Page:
Use of aspirin by overweight women with breast cancer may cut by 50% chances of recurrence
Overweight women are more at risk of breast cancer coming back than those of a healthy weight
Other drugs in same class as aspirin also lowered risk, research found
Overweight women with breast cancer who take aspirin regularly could halve their risk of the disease coming back, claim researchers.
Scientists hailed the study as encouraging because overweight women are more at risk of breast cancer coming back than those of a healthy weight.
Their research suggests the humble painkiller may cut by 50 per cent the chances of recurrence and also leads to a ‘sizable delay’ of two years before it does.
Other drugs in the same class as aspirin also lowered the risks, including non-steroidal inflammatory drugs (NSAIDs), but not paracetamol.
This may be as a result of obesity interfering with the effectiveness of long-term hormone therapy to reduce recurrence, they suggest.
The study looked back at the experience of patients and cell cultures to assess the impact of painkillers on recurrence of oestrogen positive breast cancer, the most common form affecting seven in 10 women.
Findings from the medical records of 440 breast cancer patients compared the outcomes of those taking NSAIDs and those who did not.
Of the women studied, 58.5 per cent were obese and 25.8 per cent were overweight. Four out of five took aspirin, and the rest took another NSAID.
The study found women whose body mass index (BMI) was greater than 30 – the borderline between overweight and obese -had a 52 per cent lower rate of recurrence and a 28-month delay in time to recurrence if they were taking aspirin or other NSAIDs.
The data was published in Cancer Research (must credit), a journal of the American Association for Cancer Research.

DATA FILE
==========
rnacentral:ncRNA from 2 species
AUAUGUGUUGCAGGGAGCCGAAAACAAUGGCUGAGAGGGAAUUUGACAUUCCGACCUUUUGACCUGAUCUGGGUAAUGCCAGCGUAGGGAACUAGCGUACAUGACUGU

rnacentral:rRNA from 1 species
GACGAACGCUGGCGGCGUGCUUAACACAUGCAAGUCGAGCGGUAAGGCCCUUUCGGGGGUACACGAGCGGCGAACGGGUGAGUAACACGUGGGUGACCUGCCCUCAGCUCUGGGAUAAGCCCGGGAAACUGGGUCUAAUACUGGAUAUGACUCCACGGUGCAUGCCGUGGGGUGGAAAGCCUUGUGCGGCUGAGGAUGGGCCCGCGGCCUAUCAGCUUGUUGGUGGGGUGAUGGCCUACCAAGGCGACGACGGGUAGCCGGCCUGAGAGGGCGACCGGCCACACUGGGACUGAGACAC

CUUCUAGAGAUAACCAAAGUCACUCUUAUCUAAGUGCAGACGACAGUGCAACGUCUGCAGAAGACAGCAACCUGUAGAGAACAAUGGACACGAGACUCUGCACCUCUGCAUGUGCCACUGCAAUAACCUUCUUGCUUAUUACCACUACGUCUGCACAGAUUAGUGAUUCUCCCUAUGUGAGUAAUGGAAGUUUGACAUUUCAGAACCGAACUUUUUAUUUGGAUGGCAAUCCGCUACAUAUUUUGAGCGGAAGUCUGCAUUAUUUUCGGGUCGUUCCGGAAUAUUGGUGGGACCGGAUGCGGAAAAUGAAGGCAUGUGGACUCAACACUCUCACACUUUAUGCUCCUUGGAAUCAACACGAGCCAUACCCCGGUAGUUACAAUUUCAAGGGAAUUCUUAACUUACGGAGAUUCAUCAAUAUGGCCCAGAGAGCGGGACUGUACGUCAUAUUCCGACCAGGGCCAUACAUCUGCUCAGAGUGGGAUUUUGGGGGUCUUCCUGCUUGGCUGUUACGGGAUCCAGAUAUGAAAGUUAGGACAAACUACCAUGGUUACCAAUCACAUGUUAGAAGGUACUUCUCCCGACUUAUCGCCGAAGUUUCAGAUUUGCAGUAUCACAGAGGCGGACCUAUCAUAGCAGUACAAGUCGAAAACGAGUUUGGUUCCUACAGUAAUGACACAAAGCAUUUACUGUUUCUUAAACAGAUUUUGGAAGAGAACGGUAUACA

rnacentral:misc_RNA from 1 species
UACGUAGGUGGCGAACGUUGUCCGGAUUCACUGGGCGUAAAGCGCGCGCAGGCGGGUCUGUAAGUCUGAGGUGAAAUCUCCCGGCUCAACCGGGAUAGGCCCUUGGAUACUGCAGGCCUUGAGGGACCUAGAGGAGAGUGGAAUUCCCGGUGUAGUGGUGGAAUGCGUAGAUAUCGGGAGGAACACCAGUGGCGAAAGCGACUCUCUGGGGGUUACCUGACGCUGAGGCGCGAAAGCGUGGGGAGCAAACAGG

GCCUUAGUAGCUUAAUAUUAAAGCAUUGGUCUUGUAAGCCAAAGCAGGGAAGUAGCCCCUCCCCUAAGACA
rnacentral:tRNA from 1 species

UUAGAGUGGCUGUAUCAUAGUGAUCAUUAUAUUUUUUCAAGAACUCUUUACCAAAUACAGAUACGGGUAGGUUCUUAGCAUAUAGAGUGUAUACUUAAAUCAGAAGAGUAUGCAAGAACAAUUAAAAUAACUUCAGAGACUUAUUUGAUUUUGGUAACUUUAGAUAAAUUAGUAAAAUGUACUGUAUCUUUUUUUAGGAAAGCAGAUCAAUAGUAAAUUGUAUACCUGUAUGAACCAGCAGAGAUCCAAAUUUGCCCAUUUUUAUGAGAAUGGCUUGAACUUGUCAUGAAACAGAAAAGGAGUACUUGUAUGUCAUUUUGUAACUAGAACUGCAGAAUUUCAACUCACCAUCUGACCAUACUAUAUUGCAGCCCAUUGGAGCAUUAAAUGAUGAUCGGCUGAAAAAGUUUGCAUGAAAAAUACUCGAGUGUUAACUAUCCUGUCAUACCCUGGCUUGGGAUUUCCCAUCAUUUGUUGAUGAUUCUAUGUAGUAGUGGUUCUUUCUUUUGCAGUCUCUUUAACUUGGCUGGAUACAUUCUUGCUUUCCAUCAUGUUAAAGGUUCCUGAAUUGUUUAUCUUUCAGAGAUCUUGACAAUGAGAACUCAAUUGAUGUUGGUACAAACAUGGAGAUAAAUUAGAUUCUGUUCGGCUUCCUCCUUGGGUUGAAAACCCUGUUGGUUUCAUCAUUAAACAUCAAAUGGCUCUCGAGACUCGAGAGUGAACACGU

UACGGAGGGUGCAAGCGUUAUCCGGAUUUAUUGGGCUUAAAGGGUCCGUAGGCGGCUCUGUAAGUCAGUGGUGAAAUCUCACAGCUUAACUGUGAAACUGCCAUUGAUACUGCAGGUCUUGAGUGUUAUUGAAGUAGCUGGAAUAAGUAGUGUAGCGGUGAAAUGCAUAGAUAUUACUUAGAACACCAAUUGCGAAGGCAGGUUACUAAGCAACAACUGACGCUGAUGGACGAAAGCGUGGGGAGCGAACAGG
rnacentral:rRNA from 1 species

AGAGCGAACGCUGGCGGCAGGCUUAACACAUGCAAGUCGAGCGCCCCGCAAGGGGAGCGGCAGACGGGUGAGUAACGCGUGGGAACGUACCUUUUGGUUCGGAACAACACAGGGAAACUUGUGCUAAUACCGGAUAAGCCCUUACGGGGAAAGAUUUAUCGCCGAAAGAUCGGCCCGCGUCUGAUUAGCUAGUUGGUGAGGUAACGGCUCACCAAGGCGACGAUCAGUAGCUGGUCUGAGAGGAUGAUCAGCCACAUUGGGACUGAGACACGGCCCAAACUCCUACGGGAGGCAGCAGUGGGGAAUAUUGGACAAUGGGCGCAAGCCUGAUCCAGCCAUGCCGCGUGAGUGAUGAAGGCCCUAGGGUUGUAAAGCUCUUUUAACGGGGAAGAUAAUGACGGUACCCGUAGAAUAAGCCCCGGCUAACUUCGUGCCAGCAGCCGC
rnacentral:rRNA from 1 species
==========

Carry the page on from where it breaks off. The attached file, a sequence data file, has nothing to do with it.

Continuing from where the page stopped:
Linda deGraffenried, associate professor of nutritional sciences at The University of Texas in Austin, who designed the study, said ‘Overweight or obese women diagnosed with breast cancer are facing a worse prognosis than normal-weight women.
‘We believe that obese women are facing a different disease.’
In a second study the researchers examined oestrogen positive breast cancer cells in the laboratory which had been exposed to blood serum from obese women in a bid to establish why they are more susceptible to recurrence.
The findings suggest that inflammation within the tumour hinders the effectiveness of aromatase inhibitors, drugs given to prevent recurrence of the disease.
Dr deGraffenried said: ‘These results suggest that NSAIDs may improve response to hormone therapy, thereby allowing more women to remain on hormone therapy rather than needing to change to chemotherapy and deal with the associated side effects and complications.
‘Clinicians are findings that the five-year recurrence rate for postmenopausal women is much higher on aromatase inhibitors when the patient is obese.
‘What his does is present great promise that a fairly inexpensive and nontoxic agent might benefit obese and overweight breast cancer patients who are at higher risk of AI failure.
‘However, these results are preliminary and patients should never undertake any treatment without consulting with their physician’ she added.
There may be problems taking aspirin for the first 12 months while patients undergo chemotherapy or radiation because it can interact and cause side effects, including bleeding in the stomach. (to subs please keep).
Researchers are uncertain how aspirin and other NSAIDS work but they block the effects of COX enzymes which lowers inflammation.
However, previous research also found post-menopausal women taking an aspirin a day had oestrogen levels that were 10 per cent less than women who did not take the drug at all.
Other research has shown that women who regularly use aspirin or other NSAIDs may have a small reduction in their risk of getting breast cancer.
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